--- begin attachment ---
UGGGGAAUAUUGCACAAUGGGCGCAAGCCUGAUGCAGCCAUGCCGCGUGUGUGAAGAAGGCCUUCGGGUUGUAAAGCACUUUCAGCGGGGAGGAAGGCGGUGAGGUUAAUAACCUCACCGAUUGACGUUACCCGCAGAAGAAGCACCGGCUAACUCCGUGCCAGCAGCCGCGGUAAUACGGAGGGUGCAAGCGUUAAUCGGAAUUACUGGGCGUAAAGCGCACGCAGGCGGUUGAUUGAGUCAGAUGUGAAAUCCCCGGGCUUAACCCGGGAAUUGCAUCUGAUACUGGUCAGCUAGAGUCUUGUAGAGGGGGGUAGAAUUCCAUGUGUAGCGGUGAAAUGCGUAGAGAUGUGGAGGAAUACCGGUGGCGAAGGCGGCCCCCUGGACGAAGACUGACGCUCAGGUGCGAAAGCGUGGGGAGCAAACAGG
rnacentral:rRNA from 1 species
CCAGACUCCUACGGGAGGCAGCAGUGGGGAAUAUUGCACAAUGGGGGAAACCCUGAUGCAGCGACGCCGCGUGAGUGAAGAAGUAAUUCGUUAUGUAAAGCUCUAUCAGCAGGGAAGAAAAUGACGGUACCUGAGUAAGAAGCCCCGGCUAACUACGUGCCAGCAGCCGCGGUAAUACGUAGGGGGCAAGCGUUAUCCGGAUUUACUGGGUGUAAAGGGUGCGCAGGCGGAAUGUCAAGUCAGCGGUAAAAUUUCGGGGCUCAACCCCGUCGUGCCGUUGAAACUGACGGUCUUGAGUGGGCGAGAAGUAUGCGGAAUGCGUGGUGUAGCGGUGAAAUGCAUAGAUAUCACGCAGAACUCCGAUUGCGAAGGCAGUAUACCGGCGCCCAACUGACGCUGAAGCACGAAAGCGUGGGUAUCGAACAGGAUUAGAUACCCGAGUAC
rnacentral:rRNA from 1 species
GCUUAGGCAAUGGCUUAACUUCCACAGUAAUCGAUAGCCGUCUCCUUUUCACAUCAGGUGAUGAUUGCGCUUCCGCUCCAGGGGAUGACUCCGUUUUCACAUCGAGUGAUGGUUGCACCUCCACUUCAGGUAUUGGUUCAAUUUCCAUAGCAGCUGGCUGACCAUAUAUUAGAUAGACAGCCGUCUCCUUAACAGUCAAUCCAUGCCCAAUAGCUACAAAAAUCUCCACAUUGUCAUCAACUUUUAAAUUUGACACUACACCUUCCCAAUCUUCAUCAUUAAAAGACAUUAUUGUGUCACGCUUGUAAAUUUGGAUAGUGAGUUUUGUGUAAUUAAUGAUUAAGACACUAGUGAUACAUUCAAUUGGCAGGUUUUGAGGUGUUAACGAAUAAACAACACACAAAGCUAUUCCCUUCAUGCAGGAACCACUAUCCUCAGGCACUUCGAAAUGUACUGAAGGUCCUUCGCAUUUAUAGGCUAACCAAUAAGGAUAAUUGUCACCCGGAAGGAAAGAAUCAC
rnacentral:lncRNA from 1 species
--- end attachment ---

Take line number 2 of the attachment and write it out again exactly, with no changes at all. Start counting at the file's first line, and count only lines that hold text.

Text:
rnacentral:rRNA from 1 species